General Stock Investment Strategies/investing & future planning


Hello,  I am a 38 year old single mother of two, and a public school teacher.  I live in Illinois, and have some investment and future planning questions.  I make roughly $40,000 a year after taxes, with child support.  At this time, that's almost enough to pay bills and buy groceries.  My employer does take money out of my checks towards a retirement (TRS) for me, the problem being the state of Illinois failed to make payments to the retirement fund company, so we really don't have a retirement fund now, AND our state government, in their infinite 'wisdom' is trying to cut our deficit by cutting our retirement plans.  So, as it stands now, when I retire in 30 or so years, I will have nothing.  I cannot keep money in my savings due to cost of living and my low salary, let alone try to put something aside.

My questions to you are, as I am not familiar with anything related to stocks, bonds or the like, is there anything that I can take a small amount of money and invest it and just let it sit for my retirement?  I do not want to be able to access it until retirement, but possibly have the option of adding to it should I get an opportunity to gain a little bit of extra to put with it. I know that stocks, etc. are uncertain, but is there anything out there for me?

Please let me know if there's any further information you need from me.  Thanks for any help you can provide.

Hi Holly-
Sorry for the slow reply, busy around the holidays.

First as I understand it the Illinois TRS has had changes, but not a complete elimination of benefits. And there are apparently lawsuits filed regarding those changes. Point being that you should have some retirement income from your pension, rather than nothing. No doubt you're following those stories as closely as anyone, and once that's resolved - which could be months or years from now - you'll have a better sense of how much will be provided from that source.

Alongside that, the first thing that comes to mind is setting up a retirement account of your own where you can set aside money when possible. You should be able to contribute to a Traditional or Roth IRA each year, alongside those TRS contributions. One thing that can make that easier is the Retirement Saver's Credit; you may qualify for at least a partial credit depending on how much of that $40k is child support (which won't factor into the credit amount). If you opt for the Traditional IRA over a Roth IRA, you may also save some income taxes - if your tax bill is already low though, opt for the Roth where all future income and gains are tax free.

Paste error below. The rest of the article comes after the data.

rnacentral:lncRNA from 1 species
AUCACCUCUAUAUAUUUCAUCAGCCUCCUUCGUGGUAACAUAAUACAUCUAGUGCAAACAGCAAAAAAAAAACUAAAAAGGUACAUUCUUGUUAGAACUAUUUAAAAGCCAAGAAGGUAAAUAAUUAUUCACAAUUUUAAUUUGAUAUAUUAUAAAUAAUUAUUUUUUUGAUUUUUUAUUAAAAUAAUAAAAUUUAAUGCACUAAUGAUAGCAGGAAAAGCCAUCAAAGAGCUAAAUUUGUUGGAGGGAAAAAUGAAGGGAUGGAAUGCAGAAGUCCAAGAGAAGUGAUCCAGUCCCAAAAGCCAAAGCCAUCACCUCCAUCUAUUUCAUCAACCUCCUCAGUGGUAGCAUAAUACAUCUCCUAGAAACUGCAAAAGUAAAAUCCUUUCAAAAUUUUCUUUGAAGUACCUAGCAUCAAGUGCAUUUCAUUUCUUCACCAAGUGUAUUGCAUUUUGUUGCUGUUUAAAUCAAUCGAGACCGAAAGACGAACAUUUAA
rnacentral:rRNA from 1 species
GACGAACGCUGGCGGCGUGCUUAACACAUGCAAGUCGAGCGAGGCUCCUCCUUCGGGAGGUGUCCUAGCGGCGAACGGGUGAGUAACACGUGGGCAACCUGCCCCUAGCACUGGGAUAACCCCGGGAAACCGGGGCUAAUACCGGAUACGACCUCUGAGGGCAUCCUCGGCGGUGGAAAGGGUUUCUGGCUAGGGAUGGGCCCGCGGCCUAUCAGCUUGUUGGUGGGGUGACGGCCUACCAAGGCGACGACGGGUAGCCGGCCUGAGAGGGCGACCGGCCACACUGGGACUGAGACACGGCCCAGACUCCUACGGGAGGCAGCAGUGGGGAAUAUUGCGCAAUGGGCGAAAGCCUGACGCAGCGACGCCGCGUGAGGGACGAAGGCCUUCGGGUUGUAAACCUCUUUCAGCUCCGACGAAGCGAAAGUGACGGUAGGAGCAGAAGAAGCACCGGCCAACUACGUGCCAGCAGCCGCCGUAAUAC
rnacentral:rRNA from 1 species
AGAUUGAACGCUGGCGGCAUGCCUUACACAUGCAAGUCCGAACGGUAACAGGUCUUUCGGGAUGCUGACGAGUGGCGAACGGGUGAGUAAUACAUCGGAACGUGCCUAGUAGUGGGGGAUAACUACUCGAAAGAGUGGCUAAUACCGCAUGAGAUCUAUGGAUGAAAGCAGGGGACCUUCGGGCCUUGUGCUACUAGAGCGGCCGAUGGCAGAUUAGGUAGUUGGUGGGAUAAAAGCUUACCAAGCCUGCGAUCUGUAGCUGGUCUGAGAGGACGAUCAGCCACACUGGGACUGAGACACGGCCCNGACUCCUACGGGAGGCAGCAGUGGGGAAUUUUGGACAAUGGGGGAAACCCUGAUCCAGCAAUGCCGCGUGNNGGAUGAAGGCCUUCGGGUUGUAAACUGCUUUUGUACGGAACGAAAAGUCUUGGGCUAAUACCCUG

You can open an IRA many different places - banks, brokerage firms, mutual fund companies. Given your needs, using low-cost mutual funds bought directly from a company like Vanguard or T Rowe Price would be something to look into. Both offer "target date" mutual funds that invest in a mix of investment types, and gradually get more conservative as your target date (retirement date) approaches. They also have "balanced" mutual funds that mix many types of stocks and bonds. Both of these are types of investments that you could add to regularly for a very long time - years, decades even - without feeling the need to tweak them based on whatever the financial headlines are. And because the money would be in an IRA, it would be growing in a tax advantaged way, and somewhat inaccessible (there are typically penalties if you withdraw funds before age 59 1/2).

The other idea that comes to mind is the rest of your career - as you're still young! If the Illinois system simply doesn't provide enough pension benefits, and inadequate salary to save on your own, you may decide to work elsewhere someday. A better-funded school system, or a teaching job where you also pay into Social Security. Social Security benefits are based on your 30 highest years of income and it doesn't take much time to qualify for at least some benefits. And despite the negative hype, the system is relatively well funded and has payroll taxes as its funding source. So while each may not be huge on its own, between the Illinois pension, steady savings in an IRA, and perhaps Social Security earned from a future job, you may line up a decent amount of retirement income.

Lots of topics here so please post any follow-up questions you might have...


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Tad Borek


I am a San Francisco-based investment adviser and attorney.


I opened my investment advisory practice, Borek Financial Management, in 1999, and have been a licensed attorney since 1993.

I received my B.S from Cornell University, and a J.D. from George Washington University Law School.

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